Fresh Frozen Plasma vs Lyophilized: What should your lab use?

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Coagulation laboratories have a variety of choices for reagents.  What are the differences and why are they important?

Fresh frozen reagents are collected from the donor and frozen immediately.  After thawing, they require no preparation, thaw and go.

Lyophilization is the process of freeze drying a reagent to remove the liquid component.
The process leaves a dry powder behind. Before use, the PT reagent needs to be reconstituted with the exact amount of diluent (liquid)

as prescribed in the package insert. [1]The biggest concern with lyophilized reagents is the possibility of reconstitution error.

This plays a critical role for quality control in the laboratory.  “Quality control material should be simple to use because complicated

reconstitution procedures increase the chance of error.” Liquid controls are more convenient than lyophilized controls

because they do not have to be reconstituted.” Fresh frozen reagents that you thaw and use eliminate the possibility of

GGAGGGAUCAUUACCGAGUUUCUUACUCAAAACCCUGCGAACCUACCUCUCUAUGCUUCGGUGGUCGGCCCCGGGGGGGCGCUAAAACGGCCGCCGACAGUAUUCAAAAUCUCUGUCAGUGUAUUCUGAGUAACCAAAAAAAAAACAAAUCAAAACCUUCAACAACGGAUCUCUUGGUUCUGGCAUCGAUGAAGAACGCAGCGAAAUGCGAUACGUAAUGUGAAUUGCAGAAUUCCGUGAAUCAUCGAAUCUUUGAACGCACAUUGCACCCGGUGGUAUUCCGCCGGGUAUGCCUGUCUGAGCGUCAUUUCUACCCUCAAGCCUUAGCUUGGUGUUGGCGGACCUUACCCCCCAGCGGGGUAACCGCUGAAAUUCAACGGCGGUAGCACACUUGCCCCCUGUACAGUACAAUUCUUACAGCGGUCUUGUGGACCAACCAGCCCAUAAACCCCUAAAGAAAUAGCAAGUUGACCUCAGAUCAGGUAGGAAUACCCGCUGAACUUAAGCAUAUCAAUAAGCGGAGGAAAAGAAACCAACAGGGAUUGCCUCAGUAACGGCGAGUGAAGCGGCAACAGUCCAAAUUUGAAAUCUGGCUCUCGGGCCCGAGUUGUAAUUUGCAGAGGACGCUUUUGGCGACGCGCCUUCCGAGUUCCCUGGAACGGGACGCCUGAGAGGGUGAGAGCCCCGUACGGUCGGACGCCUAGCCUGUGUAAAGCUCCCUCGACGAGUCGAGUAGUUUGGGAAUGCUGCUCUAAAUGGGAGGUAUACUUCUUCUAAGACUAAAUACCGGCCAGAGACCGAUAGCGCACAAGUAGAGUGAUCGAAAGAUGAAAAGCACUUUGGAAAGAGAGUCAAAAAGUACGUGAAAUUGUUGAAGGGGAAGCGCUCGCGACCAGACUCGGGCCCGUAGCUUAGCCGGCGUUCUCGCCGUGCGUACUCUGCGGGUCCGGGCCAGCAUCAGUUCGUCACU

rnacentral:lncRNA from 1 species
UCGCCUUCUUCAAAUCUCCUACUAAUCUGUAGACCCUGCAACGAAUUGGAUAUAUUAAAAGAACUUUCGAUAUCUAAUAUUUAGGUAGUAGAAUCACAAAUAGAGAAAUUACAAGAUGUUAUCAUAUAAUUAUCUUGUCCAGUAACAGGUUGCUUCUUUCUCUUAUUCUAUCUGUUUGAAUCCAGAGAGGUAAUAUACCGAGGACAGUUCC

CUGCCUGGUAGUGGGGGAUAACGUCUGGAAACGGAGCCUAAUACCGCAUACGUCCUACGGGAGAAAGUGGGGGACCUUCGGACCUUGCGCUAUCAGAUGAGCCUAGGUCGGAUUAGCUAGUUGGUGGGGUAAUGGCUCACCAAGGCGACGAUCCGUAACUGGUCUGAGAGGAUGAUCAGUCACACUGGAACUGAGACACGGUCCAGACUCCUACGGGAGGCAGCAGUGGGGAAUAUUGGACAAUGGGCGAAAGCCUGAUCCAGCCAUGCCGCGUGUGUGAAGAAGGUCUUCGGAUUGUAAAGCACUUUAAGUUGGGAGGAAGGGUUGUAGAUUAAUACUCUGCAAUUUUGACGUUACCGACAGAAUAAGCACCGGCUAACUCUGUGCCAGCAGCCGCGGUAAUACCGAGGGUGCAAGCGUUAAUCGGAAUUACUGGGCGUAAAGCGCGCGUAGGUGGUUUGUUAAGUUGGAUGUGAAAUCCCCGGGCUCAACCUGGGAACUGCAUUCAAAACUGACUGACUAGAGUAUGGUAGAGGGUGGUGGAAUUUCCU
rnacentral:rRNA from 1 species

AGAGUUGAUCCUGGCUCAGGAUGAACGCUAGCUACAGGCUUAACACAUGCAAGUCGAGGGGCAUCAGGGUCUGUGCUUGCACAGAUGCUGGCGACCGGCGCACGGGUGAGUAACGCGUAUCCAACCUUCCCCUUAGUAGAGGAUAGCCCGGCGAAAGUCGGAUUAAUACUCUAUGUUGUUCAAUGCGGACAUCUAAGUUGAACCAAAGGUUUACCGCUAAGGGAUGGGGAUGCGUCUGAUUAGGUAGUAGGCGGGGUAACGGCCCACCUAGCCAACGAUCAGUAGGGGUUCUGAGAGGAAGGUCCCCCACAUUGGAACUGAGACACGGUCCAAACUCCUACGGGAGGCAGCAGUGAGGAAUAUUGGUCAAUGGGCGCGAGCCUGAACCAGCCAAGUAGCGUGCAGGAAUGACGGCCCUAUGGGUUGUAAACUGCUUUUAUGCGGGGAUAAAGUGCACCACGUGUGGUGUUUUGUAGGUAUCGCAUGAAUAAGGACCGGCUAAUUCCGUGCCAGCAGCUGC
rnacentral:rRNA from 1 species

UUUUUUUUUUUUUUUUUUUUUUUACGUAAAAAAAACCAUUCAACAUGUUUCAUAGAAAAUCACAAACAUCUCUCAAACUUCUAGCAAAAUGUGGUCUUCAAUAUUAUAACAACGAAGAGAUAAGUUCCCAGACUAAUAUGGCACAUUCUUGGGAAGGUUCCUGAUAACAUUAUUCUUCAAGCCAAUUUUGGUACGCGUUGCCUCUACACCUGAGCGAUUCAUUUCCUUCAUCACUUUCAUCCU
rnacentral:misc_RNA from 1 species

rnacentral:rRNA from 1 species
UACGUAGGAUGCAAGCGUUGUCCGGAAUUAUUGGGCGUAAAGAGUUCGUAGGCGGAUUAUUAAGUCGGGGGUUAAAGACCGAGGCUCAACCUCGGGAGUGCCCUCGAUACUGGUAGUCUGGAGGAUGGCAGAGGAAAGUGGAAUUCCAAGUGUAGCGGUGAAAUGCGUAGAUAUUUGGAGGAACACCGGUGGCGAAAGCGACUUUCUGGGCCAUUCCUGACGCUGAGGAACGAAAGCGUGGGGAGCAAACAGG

reconstitution errors. It is also suggested that “Quality control materials should have the following characteristics. They should have

the same matrix as patient specimens, including viscosity, turbidity, composition, and color.”[2]

Fresh frozen reagents also meet this criteria. Since they are drawn directly from human donors and

not subjected to any process or manipulation, the matrix, viscosity, turbidity, composition, and color remain consistent with your patient sample.

Fresh frozen reagents save your laboratory time and reduce the risk of reconstitution errors.

Fresh frozen also best represents your patient’s plasma, since it is

not subject to further processes or manipulation of any sort.

As a result, you can be confident in the results you are reporting.

[1]Münster, Marion. “Quality Control in Coagulation Testing.” Sysmex Educational Enhancement and Development, July 2012, pp. 1–5., doi:

[2]Algeciras-Schimnich, Alicia. “Quality Control Is an Important Measure of Laboratory Test Precision | ClinLab Navigator.” ClinLabNavigator, 10 Jan. 2018,

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